TAGteacher Tale: TAGteach for Physiotherapy After Brain Surgery
By Lynette Cole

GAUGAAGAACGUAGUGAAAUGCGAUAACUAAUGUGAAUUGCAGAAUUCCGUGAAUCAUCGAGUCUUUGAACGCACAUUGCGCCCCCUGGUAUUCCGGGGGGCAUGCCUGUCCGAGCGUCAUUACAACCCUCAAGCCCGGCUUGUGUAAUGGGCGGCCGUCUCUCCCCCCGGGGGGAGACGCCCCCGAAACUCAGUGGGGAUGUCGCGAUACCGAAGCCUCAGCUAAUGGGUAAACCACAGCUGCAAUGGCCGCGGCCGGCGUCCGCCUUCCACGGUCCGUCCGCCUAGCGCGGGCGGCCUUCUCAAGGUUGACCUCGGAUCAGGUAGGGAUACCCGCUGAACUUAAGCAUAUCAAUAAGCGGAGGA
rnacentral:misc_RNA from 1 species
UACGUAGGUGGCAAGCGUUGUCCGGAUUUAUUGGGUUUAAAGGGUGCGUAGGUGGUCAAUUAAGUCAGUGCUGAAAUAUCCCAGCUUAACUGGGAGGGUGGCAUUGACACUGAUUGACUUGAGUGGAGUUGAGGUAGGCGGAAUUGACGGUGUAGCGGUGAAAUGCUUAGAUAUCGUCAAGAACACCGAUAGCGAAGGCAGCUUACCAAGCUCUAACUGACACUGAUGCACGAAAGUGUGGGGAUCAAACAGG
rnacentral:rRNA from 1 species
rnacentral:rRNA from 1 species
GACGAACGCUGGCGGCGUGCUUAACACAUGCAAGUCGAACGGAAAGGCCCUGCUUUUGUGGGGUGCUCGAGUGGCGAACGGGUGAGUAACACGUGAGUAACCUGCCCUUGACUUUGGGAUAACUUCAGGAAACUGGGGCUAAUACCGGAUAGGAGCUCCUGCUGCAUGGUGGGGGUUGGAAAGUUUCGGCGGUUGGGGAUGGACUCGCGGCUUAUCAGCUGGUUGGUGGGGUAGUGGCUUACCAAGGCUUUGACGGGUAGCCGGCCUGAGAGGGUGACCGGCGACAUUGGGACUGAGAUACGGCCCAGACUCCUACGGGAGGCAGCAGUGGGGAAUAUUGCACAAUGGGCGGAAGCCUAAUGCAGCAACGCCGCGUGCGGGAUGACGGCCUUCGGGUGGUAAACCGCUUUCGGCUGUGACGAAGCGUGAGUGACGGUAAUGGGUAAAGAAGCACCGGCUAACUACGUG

I never thought of myself as being a TAGteacher. I work with my rescue dogs to give them good manners before they are adopted so I have always thought of myself as an amateur clicker trainer. In October of 2011 my husband had brain surgery. This was not his first but it was his most difficult. Because of balance issues before surgery a physical therapist was sent to evaluate and work with him after surgery. Everything seemed to be good except for dragging the toes on his right foot. The therapist and I were walking him around the hospital floor. She had to keep reminding him to lift the toes on his right foot so they would not drag. I had been exposed to TAGteach at 3 previous Clicker Expos. About halfway around the floor it came to me that I could fix this! I had never done this before but knew it would work. I told them I would be right back and ran to his room. I retrieved my clicker from my purse and caught up with them at almost the same spot. He and I had talked about clicker training and TAGteach. I told him “The tag point is toes up.” The physical therapist looked at me a little funny so I told her he understood what I said and repeated it to him. As we started to complete the trip back to his room I tagged him for the correct toe position. I felt like this would teach his brain and foot what the new normal was. When we returned to his room I started to explain what I was doing to his physical therapist. I had my laptop with me so I found the YouTube video Joan Orr had submitted about teaching a little girl to high jump. She watched it and seemed interested. The next day the three of us did the walk again. This time I only had to repeat the tag point once and tag about 3 times as we got close to his room. The therapist seemed impressed. When he was discharged physical therapy said he was doing too well and they could not do anything more for him. When we returned home he had an order for physical therapy in case things came up they had not seen. He was evaluated by the therapist in our hometown and was told the same thing. “We cannot do anything for you. You are doing too well.” He has not had this problem since. We could not be happier with the outcome.